Plazi’s mission is to foster open access to taxonomic work and make this knowledge an integral part of the science infrastructure. Our collaboration with Zenodo at CERN, with whom we actively collaborated from their very beginning, is a very important element in our virtual expedition. It provides our community a stable, state of the art, for the time being unlimited repository, along with shared interests such as making each data object citable using DataCite DOIs, enhanced with links to related items, all with usage statistics, and fully automated upload and annotations. With this we (together with Pensoft) provide a repository to the community that is independent of Plazi’s fate and which allows to compare others in the fledgling DiSSCo. The lesson from our collaboration with Zenodo taught as that what we consider a huge data, is in fact just dwarfed by large scale science projects like Large Hadron Collider at CERN, and with that not to consider storage as a limiting factor again.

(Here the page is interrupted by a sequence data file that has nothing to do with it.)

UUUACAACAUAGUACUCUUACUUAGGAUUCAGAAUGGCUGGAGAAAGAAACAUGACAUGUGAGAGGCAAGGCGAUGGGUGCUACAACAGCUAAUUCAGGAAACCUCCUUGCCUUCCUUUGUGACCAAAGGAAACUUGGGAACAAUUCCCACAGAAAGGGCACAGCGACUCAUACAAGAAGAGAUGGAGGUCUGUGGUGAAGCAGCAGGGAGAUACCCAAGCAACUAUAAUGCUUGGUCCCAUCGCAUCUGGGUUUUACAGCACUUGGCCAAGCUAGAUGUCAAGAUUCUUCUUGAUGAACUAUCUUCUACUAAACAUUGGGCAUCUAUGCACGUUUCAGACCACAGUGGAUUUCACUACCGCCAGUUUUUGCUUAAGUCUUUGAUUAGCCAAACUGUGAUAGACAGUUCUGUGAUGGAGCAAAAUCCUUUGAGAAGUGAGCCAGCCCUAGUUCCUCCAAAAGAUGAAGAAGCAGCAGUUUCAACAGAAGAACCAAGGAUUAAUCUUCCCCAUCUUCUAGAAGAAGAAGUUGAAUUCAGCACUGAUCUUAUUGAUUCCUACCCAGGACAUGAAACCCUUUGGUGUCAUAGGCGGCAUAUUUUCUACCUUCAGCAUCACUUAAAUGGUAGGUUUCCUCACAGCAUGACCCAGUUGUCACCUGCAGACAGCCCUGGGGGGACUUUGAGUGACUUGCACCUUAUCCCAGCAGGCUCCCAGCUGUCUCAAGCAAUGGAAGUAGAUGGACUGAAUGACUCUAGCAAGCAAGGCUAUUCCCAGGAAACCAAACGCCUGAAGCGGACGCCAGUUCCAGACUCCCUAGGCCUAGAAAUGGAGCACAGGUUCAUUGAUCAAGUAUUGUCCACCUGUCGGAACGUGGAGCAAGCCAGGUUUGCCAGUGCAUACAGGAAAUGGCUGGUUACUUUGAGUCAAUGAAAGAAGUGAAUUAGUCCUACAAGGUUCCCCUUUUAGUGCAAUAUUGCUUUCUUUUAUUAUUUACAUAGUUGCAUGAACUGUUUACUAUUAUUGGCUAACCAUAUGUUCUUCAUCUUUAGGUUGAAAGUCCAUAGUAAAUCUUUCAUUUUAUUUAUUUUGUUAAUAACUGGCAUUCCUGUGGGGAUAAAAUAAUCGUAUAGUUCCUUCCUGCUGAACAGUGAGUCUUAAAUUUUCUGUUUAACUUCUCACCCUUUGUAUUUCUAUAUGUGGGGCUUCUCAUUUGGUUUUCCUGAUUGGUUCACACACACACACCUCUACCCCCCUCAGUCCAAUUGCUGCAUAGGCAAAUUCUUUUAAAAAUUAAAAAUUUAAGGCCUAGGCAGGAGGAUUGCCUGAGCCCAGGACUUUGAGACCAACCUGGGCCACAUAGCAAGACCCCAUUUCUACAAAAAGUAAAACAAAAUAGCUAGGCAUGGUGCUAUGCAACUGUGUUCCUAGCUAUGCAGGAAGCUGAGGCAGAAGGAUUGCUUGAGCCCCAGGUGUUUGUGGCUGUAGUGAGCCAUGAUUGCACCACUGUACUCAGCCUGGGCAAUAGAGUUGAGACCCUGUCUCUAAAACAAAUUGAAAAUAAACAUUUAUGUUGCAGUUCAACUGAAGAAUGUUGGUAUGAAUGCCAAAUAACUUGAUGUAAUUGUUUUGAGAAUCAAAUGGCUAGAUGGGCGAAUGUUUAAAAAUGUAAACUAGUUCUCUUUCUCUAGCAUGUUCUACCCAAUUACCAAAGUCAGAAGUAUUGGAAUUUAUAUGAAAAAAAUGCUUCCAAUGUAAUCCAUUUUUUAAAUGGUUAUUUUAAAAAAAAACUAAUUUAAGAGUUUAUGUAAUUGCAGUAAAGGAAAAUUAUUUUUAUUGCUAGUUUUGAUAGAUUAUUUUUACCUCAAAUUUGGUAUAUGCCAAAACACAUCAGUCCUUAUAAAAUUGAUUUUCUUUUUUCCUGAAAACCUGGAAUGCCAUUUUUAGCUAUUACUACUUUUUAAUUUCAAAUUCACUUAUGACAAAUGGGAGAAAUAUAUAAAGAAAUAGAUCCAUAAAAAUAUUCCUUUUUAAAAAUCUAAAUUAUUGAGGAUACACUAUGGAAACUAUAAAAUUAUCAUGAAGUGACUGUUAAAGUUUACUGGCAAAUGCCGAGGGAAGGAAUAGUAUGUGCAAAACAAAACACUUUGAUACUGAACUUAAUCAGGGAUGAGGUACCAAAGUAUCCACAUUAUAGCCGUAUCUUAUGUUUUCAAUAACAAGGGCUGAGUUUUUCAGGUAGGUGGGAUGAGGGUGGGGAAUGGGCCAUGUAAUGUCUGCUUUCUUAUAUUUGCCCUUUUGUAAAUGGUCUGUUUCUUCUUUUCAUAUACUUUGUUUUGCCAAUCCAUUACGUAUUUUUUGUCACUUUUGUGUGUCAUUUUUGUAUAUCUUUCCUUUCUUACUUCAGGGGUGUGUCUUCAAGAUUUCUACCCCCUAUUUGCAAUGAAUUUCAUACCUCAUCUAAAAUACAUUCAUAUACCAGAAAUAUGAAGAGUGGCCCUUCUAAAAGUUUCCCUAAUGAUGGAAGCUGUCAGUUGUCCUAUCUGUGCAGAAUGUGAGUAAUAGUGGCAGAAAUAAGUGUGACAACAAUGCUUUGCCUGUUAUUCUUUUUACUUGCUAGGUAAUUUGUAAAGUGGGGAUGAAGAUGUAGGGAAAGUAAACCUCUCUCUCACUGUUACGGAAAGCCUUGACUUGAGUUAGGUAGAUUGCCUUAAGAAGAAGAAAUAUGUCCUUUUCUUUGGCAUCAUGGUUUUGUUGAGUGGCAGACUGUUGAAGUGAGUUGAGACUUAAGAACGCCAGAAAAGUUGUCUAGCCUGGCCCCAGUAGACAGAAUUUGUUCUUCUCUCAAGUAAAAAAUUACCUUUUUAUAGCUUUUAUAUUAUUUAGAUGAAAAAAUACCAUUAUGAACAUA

Dealing with a rapidly growing number of images became another challenge. How can we best make use of them in a repository that has been build for single, but very large datasets as opposed to many small images? How can we make use of image analyses to contribute to automated identification of specimens? Why not build the world’s index of scientific taxonomic illustrations and make it another gateway to find out what we know about our species and in which publications? Suddenly having access to so many liberated images which nobody had ever before is one of the most stunning results of our expedition. It also shows that discoveries can not all be planned – we originally started focused on textual objects and later realized that illustrations are scientific data as well.